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Progress of the Negro Race: Address at a Patriotic Race Service, Philadelphia
     Democratic Statesmanship in Race Problem
  I shall refer to only one more specimen of Democratic states-
manship in connection with the race question.  If there is an
exploded idea among the plans which have been proposed as a
solution of the difficulties, real or alleged, in connection with
the race problem the most fallacious and unsubstantial one is
that the colored citizens of the United States can in some way
be transported bodily and physically out of the country and trans-
ferred to some distant point. Africa has been suggested, and
the Republic of Liberia was thought for a time to afford an out-
let for the colored population of America.  All kinds of fan-
tastic propositions of this kind have been suggested in public dis-
cussion and in the personal views of Democratic statesmen.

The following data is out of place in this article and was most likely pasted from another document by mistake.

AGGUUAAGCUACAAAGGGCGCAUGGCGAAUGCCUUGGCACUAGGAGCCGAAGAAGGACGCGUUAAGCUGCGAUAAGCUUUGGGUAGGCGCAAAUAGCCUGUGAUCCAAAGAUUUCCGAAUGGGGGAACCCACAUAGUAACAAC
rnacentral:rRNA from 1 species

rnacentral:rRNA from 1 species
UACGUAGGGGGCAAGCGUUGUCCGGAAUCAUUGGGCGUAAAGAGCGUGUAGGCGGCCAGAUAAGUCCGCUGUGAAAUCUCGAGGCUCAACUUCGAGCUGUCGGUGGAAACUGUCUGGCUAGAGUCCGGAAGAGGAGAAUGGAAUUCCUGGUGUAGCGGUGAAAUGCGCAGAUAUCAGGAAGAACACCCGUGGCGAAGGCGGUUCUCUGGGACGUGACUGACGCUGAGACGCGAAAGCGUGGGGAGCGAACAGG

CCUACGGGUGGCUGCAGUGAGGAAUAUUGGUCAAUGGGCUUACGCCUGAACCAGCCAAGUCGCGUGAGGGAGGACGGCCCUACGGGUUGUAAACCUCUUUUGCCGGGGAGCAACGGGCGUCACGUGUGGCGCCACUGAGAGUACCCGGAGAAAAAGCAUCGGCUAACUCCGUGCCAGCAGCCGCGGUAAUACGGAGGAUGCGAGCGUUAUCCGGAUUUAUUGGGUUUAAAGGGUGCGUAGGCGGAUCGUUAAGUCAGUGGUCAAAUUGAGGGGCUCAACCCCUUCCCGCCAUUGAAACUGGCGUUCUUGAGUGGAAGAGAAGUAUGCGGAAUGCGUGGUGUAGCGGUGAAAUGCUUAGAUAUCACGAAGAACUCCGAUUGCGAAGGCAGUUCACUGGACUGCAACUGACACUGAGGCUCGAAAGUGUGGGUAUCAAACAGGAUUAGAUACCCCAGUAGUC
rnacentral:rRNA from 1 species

Many have held plans of this kind, in all seriousness, to be the
only solution. Of course, the proposition is impracticable and
  The negroes of the United States are as much attached to
their homes, their localities and their country as any other ele-
ment of our citizens. They never have been a migrating people,
but, on the other hand, a home-loving people. They are in the
United States to stay and today they are a part of the citizenship
of the Republic. Yet, at this late day, after the futility of propo-
sitions of this kind has been demonstrated, we have the choice
production of Democratic statesmanship embodied in a joint
resolution (H. J. Res. 228) introduced by a Mr. Park in the
House of Representatives, referred to the Committee on For-
eign Affairs, and ordered to be printed, entitled "A Joint Resolu-
tion authorizing the President to acquire Mexican territory," and
which reads as follows:

         Colonization Plan for Colored People
  "Resolved, By the Senate and House of Representatives of
the United States of America in Congress assembled, That the
President of the United States be, and he is, authorized and di-
rected to acquire, by purchase, by treaty, or by conquest, all of
the territory of Mexico above the twentieth degree of north lati-
tude, comprising the States of Baja (Lower) California, Sonora,
Sinaloa, Chihuahua, Durango, Coahuila, Zacatecas, Nuevo Leon,
Tamaulipas, San Luis Potosi, and Tepic, from the authorities of


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Progress of the Negro Race: Address at a Patriotic Race Service, Philadelphia


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